Have you considered going to the Kentucky Derby, Preakness or Belmont Stakes for the first time? If you are a fan of the Triple Crown races, attending one in person can be a real treat. I have always had a unique relationship with the Kentucky Derby because my birthday is usually the same weekend as this event. I am also a long-time resident of Kentucky, and have spent the majority of the past 20 years living within a couple of miles of Churchill Downs.
This relationship eventually led me to start writing about everything related to the Kentucky Derby — except the race. The main reason I do not cover the race is because I have visual impairments, and there are already plenty of good turf writers out there. My main focus has always been behind the scenes research and history. Nevertheless, actually attending the Kentucky Derby in person is an experience I have always treasured.
My first Kentucky Derby
In the early 2000’s, I was working as an ESL teacher for Refugees and Immigrants a block away from Churchill Downs. Although many of the students were adult Refugees, there were also Churchill Downs workers that did not speak English attending my classes. In addition to several jockeys, there were farriers and groomers I got to know. When they heard that my birthday was usually the same day as the Kentucky Derby, they insisted that I attend with them.
In 2003, I got to experience the Kentucky Derby for the first from behind the scenes in the stables. Meeting trainers and other horse racing professionals reminded me of my childhood when my family was close to a Thoroughbred horse breeder. Over time, it was these initial experiences that led me to writing about horse racing history and horse betting for websites like DerbyCraze.com.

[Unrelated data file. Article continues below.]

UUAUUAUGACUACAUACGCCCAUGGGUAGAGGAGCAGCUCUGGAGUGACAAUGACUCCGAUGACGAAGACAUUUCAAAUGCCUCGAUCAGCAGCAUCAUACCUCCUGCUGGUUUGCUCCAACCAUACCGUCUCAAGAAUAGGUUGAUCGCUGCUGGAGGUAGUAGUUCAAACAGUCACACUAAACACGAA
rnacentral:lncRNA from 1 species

My second Kentucky Derby
The second time I attended the Kentucky Derby was in 2004. This time, instead of going with adult students that worked there, I bought a ticket to the Infield. To this day, you only need to walk up to the gates of Churchill Downs with money in your pocket in order to buy a ticket to the Infield. Over the past decade, the Infield ticket has always been less than $50. The Infield is not the fancy grandstand area, but you can still access bathrooms, drinks, and food. To be honest, it was a bit much for me to take in.
The races started around noon, and the Kentucky Derby was set to start between 6:15 PM and 6:30. While people were dressed up and patiently waiting in the grandstands, people in the Infield were partying like there was no tomorrow. After a couple of hours, I started to get a headache and had to leave because the parting was out of control. Since then, I have heard that the Infield is not as wild; but I have not been back to try it out for myself.
My third Kentucky Derby?
In the past 10 years, I have spent so much time writing about the Kentucky Derby during the Kentucky Derby that I usually do not have time to attend. What I do know is that I will need to get grandstand tickets, and they are not always easy for me to access. First of all, I do not have the ability to dedicate my schedule to actually attending because it is a peak time for my writing. This means that I could wind up wasting a lot of money on a ticket that I do not actually use. However, as I continue to write about organizations like Derby Experiences (the official ticketing partner of the Kentucky Derby), I know that the perfect seats are right around the corner.
Will I attend the 2015 Kentucky Derby? So far, it looks like I am headed in that direction. After all, I have met every business owner that sells the perfect Kentucky Derby hats and outfits. I also have all the insider tips I will ever need to place the perfect bet. Now I just need to figure out what my service dog wants to wear. I am thinking he will look perfect in a pastel bow tie that matches my outfit. If I am lucky, I will be able to do a full Triple Crown tour extravaganza … and have plenty to write home about.